a sharpening of clam shells,
cutting stakes of bamboo,
gathering a load of driftwood for the fire...
Aged and weakened, grief-ravaged to a splinter of humanity,
Ichibod Malheur Naxon still knew how best to serve
a rival.





4.14 The prompt: "...Write entries for an imaginary dream dictionary. Pick one (or more) of the following words, and write about what it means to dream of these things: Teacup, Hammer, Seagull, Ballet slipper, Shark, Wobbly table, Dentist, Rowboat..."
For my effort, I chose 'wobbly table.'


Everyone Is Having Those Dreams

I know I'm in a bad way when I have the
Wobbly table dream
Four is the stable number
Tables, chairs, beds, portable heaters
and useful creatures like horses, cows, sheep and (the marginally useful) dogs and cats
all have four legs.
Human beings by comparison are inherently unstable, tipsy, unreasonably vertical, 
arrogant, supercilious, always getting above themselves.
Let's put our cards on the table.
Whoops... they slid right off: Must be a wobbly table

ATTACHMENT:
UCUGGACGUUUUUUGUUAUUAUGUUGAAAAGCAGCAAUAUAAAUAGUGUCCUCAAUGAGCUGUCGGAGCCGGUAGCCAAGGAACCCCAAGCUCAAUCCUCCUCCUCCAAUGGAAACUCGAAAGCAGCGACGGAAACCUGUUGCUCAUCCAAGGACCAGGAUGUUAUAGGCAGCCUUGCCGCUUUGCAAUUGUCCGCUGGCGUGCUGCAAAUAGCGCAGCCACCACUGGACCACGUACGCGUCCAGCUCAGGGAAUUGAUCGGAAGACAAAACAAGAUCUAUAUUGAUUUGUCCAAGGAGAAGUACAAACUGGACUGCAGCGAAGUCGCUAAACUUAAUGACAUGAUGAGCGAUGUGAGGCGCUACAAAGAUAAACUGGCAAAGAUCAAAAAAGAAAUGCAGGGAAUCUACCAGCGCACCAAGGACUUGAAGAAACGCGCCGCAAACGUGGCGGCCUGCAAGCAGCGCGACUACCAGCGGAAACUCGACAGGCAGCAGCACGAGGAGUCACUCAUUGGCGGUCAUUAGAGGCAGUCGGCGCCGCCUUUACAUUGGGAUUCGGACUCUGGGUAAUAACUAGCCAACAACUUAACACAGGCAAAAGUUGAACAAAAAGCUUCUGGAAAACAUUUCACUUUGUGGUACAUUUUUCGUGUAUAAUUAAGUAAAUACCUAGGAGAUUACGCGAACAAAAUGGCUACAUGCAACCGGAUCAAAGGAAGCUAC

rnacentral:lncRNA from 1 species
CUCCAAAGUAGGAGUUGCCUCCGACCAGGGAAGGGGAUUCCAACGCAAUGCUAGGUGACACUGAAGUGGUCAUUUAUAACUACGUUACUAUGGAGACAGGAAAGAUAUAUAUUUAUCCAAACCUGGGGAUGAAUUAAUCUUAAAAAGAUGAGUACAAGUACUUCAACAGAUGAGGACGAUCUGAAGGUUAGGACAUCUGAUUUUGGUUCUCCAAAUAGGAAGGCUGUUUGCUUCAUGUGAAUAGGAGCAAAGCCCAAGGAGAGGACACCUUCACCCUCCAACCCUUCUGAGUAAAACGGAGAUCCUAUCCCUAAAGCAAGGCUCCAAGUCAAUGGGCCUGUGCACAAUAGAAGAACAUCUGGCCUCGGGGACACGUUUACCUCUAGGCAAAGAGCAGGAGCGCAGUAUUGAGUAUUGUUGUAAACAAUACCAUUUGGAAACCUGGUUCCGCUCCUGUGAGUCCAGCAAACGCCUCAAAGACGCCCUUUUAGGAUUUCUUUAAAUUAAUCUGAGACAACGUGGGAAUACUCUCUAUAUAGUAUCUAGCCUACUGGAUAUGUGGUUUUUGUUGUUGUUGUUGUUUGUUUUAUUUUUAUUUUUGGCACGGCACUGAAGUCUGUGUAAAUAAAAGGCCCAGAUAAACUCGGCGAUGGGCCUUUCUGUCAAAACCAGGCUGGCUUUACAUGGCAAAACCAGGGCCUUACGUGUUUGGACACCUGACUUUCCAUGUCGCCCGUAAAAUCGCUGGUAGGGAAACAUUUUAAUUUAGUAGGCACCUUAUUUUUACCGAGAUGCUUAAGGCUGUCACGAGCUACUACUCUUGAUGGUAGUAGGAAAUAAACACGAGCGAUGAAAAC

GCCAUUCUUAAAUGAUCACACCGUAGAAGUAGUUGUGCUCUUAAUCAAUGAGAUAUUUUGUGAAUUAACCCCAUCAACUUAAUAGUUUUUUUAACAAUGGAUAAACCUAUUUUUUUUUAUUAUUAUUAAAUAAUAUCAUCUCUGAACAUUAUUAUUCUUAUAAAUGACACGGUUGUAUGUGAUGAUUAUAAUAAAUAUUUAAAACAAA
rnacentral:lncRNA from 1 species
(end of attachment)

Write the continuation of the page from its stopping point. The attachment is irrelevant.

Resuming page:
Last night I dreamed
that a stranger moved in and began complaining about the town,
the color scheme was unattractive.
I protested. Told him how much planting I have done to brighten up the scene
He pointed to a dense collection of juxtaposed yards and square little houses
and said "There should be a road through that."
I felt the table begin to wobble beneath me
That's what you get, I scolded myself, for sleeping on a table.
It exposes you to criticism
Carve me up, I thought, and let everyone get a big hunk
I felt the ground shift under my feet
Then I was in the heart of town
(same town? who knows)
trying to find the stores or cafes that used to be there
The carpet too was moving under me

Those four legs need to be level,
as in the four pillars of -- what? -- I don't know, you make the call
Consult your own tabla rasa, as I consider mine
An even keel?
A solid foundation ?
I guess not.
In this house everything rolls slowly from the from the front door to the back,
the kitchen to the bedroom
I too sometimes find myself sliding toward the backyard
My big toe and half an ankle protruding through a window
That's what happens when you have a wobbly table
You stay up too late
... and have the weirdest dreams.

Here's what NaPoWriMo has to say for itself:
http://www.napowrimo.net/